The Private Life of Axie Reed by John Knowles (Dutton: $15.95)
Alternating between the first person and the third, John Knowles has produced a hybrid elegy to a vibrant actress as written by her adoring male cousin, Nick. The novel starts slowly, with Axie Reed awakening to a glorious August morning in her beloved house on the Long Island seashore, chatting casually with the narrator about the history of the Hamptons and discussing which of the family jewels look best with the dress she'll wear to the Art Museum ball.
Those first pages place Axie in her special context; fine old Eastern family, proper upbringing, first-rate education, competence at all the right sports, beauty intact well into middle age; her declining stage and film career only a slight source of unease; her reasonably happy marriage to a Greek shipping magnate long since amicably dissolved. Except for Nick, the devoted bachelor cousin, and Spyro, her ex-brother-in-law, Axie has no immediate family, though she has sycophants by the score and fans by the thousands.
Strong, self-sufficient, with all mundane chores efficiently performed by her ferociously loyal housekeeper, Edna, Axie seems the epitome of independence. Her life may not be too good to be true, but it seems too good to continue, the scribe tipping his hand on Page 1. "I never dreamed . . . of what would happen at the Parrish Art Museum Ball . . . in the summer of 1981."
Despite her success, acting has never entirely dominated Axie Reed's life, and she has begun to examine other possibilities open to a woman of her abilities; a biography, community service, perhaps a tranquil romance. Axie is even considering plummy character roles, an option she's rejected until her 50th birthday.
Optimism Is Shattered
This sanguine mood is shattered in an instant when Axie collapses at the ball, falling so that the metal underpinnings of the bandstand cause critical internal injuries. Slipping in and out of consciousness for weeks, she sees her life played back to her scene by scene, forming the biography she is not quite ready to write. At first, when she is desperately ill, her story is told in disconnected bits and pieces; later, as she improves, in full scenarios.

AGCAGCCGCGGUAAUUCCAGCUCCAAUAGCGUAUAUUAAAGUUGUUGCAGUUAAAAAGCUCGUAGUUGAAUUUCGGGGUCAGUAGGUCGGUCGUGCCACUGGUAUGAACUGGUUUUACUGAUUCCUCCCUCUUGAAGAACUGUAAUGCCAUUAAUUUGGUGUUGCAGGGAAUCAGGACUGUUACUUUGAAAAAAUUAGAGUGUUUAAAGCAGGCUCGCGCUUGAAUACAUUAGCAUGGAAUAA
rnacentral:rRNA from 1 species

The maudlin plot becomes an all-too-obvious literary device, as lifeless as a portrait painted from a photograph. By far the most dramatic scenes are those on the Greek island of Paxos, the holiday home of the Lambros family into which Axie married. Primitive, remote and starkly beautiful, Paxos is the perfect setting for the only real drama in the novel, though the emotional connections between the vital, liberated American actress and her Greek husband and his brother are developed so gradually that the reader's intuitions constantly outrun the text.
While the accumulated events of Axie Reed's personal and professional life seem meant to create not only the essential biography of this woman but of a human being forced by illness to confront mortality, the particular never becomes general. Even in her physically dependent condition, Axie is exactly the same person as the energetic actress we first encounter at her morning swim. Anguish only heightens her remarkable qualities, improving but not altering her character. The amazing resources are all in place from the beginning, clearly visible to her admirers, herself and the reader.
More limited in scope than Knowles' memorable novel "A Separate Peace," "The Private Life of Axie Reed" attempts to tackle another sort of accommodation to circumstance beyond individual control. But here, the central figure is so idealized there's no room left for improvement or progress. The story is a star vehicle in which all the members of the cast are relegated to walk-on roles, gamely holding candles to illuminate their darling.